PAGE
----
This workshop aims to open new perspectives in the study of the past and in the interpretation of the ancient and modern mind by approaching research questions at the intersection between the brain sciences, humanities, archaeology, anthropology and visual studies: what kind of relationship is there between the brain and symbolic actions? What is the cognitive meaning of visual patterns and narrative in prehistoric societies, and how can this affect cultural transmission across different generations? How can we study cognitive universals in archaeology and the neurosciences? Can a new multidisciplinary approach involving the brain sciences and cognitive archaeology create a new discipline? We will embrace cross-disciplinary contributions concerning embodiment and enaction in visual models, the role of symbolism and material culture in early complex societies, and the interpretation of visual patterns and memes in cultural transmission through an exploration of perception and behavior, simulation, and the application of new technological tools.
Registration for this event is now closed. If you did not register, you are welcome to attend, but please wait until all registered guests are seated. Lunch will only be provided to pre-registered attendees.
Meeting registration will begin at 8:30 am
9:00 am Welcome and Introductory Comments: Michael Platt, Ph.D., Professor, Neurobiology, Evolutionary Anthropology and Psychology & Neuroscience; Director, Duke Institute for Brain Sciences and Center for Cognitive Neuroscience, Duke University, "The Mind in the Cave: Inferences from Primate Neuroscience"
9:25 am: Maurizio Forte, Ph.D., William and Sue Gross Professor of Classical Studies, Duke University, "3D Archaeology, Visual Simulation and the Ancient Mind"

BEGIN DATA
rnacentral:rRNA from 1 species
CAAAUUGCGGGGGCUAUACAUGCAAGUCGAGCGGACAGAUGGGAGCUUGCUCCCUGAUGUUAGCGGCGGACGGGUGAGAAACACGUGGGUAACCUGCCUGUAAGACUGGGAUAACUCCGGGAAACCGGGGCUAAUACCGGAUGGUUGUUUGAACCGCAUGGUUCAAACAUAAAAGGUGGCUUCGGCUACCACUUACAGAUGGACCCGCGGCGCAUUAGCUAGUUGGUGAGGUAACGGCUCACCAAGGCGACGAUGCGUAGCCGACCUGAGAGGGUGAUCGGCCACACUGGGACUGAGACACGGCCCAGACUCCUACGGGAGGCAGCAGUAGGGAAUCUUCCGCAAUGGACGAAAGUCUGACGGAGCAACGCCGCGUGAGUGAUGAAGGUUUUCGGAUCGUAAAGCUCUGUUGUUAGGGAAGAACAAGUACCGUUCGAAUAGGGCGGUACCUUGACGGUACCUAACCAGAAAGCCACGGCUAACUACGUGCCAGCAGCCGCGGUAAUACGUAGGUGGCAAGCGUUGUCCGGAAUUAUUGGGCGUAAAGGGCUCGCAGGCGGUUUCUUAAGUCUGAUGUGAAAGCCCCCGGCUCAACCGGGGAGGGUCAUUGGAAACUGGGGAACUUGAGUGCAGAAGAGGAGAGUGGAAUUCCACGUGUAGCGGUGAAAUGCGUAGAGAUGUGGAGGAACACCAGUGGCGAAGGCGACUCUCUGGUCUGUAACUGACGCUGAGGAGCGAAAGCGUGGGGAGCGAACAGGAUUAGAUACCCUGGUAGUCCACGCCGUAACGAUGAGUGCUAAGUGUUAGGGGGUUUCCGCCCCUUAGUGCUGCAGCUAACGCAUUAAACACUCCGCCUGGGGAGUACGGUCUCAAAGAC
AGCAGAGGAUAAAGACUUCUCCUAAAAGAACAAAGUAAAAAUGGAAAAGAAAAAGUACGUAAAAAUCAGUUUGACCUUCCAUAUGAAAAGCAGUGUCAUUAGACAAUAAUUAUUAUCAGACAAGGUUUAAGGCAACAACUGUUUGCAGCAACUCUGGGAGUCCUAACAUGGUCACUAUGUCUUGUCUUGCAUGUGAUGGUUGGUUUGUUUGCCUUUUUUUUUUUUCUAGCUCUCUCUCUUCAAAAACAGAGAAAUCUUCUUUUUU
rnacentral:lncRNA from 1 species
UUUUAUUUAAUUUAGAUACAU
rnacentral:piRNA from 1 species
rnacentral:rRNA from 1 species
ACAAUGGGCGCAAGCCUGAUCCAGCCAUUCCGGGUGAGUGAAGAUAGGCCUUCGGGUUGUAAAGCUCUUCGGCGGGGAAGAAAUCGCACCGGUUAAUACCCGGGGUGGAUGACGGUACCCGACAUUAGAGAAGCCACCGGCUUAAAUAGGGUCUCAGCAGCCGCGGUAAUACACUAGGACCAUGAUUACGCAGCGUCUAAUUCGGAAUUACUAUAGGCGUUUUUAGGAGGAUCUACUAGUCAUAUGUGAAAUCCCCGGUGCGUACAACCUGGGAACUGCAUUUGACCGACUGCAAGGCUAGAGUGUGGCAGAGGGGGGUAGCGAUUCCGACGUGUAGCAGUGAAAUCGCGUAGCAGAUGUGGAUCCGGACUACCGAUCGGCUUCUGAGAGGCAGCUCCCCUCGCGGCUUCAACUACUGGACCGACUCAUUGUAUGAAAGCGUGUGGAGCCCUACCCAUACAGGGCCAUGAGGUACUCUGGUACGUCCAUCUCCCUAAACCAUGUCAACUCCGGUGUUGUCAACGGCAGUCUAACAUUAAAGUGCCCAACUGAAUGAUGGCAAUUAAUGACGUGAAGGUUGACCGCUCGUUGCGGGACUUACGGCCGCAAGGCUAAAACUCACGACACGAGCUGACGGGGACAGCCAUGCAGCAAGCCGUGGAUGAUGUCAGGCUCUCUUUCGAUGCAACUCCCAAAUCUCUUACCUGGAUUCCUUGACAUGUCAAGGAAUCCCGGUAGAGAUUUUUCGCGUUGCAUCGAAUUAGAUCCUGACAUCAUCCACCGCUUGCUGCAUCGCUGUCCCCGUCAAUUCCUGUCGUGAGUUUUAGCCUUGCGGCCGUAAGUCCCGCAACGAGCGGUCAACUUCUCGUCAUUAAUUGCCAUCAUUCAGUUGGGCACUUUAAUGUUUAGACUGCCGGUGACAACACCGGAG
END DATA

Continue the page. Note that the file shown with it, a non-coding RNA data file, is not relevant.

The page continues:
10:00 am: Dietrich Stout, Ph.D., Assistant Professor, Anthropology, Emory University, "Experimental Neuroarchaeology"
10:30 - 10:45am: Coffee Break
10:45 am: Ian Hodder, Ph.D., Professor, Anthropology, Stanford University, "Can We See Neolithic Cognitive Change at Çatalhöyük?"
11:20 am: Panel discussion with Platt, Forte, Stout and Hodder
11:50 am - 1:00 pm: Lunch (provided for registered meeting attendees)
1:00 pm: Lynn Meskell, Ph.D., Professor, Anthropology, Stanford University, "The Symbolism of Çatalhöyük in its Regional Context"
1:35 pm: Anjan Chatterjee, M.D., Professor, Neurology, University of Pennsylvania, "Symbolic and Analog Representations in the Brain"
2:10 pm: Bill Seaman, Ph.D., Professor, Art, Art History and Visual Studies, Duke University "A Multi-Perspective Approach to Cyber-Archeology"
2:45 - 3:00 pm: Coffee Break
3:00 pm: Carla Antonaccio, Ph.D., Professor, Classical Studies, Duke University "Diachrony and Distributed Mind: Ancestors, Time, and Things"
3:35 pm: Alex Martin, Ph.D., Senior Investigator, National Institutes of Health, "Food for Thought: Clues to the Mind’s Past from the Brain’s Natural Categories"
4:10 pm: Panel discussion with Meskell, Chatterjee, Seaman, Antonaccio and Martin
4:40 pm: Concluding Remarks
4:45 -5:45 pm: Reception and Visual Demos (Bay 10, Smith Warehouse, 2nd Floor)
This workshop was co-organized by Maurizio Forte, Michael Platt and Elizabeth Johnson
Thursday, April 10, 2014
08:30AM - 06:00PM
FHI Garage, Smith Warehouse Bay 4
This event is on campus.
DIBS, Art, Art History & Visual Studies & Classical Studies
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